Partial derivative potential energy of 'free' vibration

I have this rather mathematical question about the calculation of the partial derivative of a potential energy function given by:

$$U(x_i)=\frac{1}{2}\sum_{i,j}\frac{\partial^2U(0)}{\partial x_i\partial x_j} x_ix_j.$$ Or if we use $b_{ij}$ for the Hessian : $$U(x_i)=\frac{1}{2}\sum_{i,j}b_{ij}x_ix_j.$$

I want to calculate the force: $k_i=\frac{-\partial U}{\partial x_i}$. This should be $-\sum_{j} b_{ji}x_j$.

My questions:

1. Why is the summation over the index $i$ gone?

2. Why are the indices of the hessian $b$ switched?

I hope someone can give me an answer. I put this in the physics section because it's a physics problem, but my question is actually purely mathematical.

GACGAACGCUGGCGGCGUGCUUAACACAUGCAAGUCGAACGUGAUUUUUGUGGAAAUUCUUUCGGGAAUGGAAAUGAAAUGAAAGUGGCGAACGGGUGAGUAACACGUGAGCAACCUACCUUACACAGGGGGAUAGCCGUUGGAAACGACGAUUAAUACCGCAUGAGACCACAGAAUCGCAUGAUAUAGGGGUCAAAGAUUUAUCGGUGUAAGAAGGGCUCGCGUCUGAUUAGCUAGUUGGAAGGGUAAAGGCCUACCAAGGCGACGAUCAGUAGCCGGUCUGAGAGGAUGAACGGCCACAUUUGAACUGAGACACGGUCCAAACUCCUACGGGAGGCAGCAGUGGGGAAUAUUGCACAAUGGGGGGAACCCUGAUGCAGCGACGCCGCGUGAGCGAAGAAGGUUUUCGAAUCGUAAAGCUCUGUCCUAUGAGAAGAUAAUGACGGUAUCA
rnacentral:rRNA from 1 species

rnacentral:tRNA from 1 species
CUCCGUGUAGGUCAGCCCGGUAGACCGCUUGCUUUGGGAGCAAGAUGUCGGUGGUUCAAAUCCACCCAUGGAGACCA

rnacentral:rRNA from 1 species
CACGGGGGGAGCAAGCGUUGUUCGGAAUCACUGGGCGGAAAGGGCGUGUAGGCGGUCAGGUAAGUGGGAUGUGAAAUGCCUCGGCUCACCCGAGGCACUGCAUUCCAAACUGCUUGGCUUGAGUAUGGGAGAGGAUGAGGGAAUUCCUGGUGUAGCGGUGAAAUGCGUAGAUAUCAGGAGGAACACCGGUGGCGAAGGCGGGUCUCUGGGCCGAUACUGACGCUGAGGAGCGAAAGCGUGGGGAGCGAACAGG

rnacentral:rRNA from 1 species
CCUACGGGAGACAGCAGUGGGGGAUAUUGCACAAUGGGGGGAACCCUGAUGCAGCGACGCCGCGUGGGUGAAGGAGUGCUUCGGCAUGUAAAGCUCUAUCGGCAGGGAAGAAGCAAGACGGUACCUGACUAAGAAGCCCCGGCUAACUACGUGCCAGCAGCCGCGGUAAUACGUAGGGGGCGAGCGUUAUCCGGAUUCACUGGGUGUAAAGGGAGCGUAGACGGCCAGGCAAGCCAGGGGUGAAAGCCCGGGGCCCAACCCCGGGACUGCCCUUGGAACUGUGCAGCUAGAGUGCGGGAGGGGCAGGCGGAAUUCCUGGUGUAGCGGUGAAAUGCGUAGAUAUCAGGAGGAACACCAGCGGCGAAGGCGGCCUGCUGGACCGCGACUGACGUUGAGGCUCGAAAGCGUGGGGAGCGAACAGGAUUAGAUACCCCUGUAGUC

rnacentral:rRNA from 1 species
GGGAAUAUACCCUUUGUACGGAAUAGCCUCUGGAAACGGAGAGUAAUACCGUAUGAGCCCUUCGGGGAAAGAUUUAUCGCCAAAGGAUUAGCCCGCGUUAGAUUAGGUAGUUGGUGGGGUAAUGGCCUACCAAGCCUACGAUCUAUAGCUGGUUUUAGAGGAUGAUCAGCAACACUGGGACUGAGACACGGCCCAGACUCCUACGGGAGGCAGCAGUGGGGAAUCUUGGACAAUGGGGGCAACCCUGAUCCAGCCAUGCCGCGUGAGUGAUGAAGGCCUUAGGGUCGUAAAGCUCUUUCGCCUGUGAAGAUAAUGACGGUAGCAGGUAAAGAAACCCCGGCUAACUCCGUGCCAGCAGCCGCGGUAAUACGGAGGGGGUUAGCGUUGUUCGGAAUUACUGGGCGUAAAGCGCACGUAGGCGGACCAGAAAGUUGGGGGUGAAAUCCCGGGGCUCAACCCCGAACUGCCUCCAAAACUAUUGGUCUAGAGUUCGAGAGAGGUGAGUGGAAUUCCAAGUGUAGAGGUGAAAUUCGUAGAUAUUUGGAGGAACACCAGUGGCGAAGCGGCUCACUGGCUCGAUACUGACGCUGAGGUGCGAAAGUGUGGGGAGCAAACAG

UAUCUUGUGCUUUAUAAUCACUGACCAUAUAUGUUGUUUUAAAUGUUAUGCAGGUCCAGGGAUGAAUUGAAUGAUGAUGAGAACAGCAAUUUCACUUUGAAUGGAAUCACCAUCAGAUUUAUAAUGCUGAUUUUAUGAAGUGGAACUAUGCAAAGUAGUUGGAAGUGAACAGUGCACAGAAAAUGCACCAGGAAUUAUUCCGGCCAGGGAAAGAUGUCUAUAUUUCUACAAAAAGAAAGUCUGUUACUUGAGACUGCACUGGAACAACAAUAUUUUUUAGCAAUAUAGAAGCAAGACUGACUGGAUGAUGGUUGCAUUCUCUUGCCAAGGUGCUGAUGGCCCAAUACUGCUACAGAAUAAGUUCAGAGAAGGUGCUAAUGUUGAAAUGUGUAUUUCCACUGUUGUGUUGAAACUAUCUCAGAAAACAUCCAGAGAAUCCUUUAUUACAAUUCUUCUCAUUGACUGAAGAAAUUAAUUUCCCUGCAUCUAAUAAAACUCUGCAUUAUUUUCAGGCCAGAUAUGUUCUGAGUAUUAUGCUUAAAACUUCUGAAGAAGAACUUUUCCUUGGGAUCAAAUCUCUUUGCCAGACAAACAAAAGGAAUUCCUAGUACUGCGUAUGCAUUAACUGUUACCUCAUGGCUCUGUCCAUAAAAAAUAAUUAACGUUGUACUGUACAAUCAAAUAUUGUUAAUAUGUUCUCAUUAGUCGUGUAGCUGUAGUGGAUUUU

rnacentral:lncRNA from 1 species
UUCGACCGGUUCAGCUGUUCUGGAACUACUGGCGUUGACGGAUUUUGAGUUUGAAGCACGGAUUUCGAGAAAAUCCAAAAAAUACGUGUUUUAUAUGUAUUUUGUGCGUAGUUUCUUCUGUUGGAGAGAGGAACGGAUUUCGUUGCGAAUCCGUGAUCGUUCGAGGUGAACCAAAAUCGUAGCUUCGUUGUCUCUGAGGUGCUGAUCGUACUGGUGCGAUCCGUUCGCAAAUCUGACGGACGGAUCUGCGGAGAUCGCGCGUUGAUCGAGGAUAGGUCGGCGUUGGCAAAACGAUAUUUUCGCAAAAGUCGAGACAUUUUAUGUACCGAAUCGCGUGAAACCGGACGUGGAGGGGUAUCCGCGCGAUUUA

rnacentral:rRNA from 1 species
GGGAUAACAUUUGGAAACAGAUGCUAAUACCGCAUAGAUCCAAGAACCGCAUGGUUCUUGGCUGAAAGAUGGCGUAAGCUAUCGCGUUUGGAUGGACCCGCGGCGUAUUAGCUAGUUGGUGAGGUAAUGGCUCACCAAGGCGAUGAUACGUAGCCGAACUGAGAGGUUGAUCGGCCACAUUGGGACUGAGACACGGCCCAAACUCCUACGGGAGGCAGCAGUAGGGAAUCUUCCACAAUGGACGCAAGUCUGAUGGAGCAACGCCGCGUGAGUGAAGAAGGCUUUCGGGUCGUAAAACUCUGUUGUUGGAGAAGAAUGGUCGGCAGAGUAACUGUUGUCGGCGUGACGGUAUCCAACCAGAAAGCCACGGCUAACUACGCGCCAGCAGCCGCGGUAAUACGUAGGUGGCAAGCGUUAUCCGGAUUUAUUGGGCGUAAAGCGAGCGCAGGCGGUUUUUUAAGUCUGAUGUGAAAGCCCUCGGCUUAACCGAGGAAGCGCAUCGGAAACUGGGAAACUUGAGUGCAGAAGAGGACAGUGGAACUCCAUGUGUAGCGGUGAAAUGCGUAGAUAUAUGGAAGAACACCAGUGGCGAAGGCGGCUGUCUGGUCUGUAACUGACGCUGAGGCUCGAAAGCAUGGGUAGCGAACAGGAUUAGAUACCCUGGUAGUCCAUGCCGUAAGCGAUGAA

$\frac{\partial x_a}{\partial x_b}=\delta_{ab}$ This will kill one summation.
More specifially: $\frac{\partial U}{\partial x_a}=-1/2 \sum_{ij}b_{ij}(\delta_{ai}x_j+\delta_{aj}x_i)=-1/2( \sum_{j}b_{aj}x_j+\sum_{i}b_{ia}x_i)=-\sum_{j}b_{aj}x_j$. Rename j to be i and you're done.
2.) The Hessian matrix is a matrix of second-order partial derivatives; hence it is symmetric w.r.t. its indices, i.e. $b_{ij}=b_{ji}$.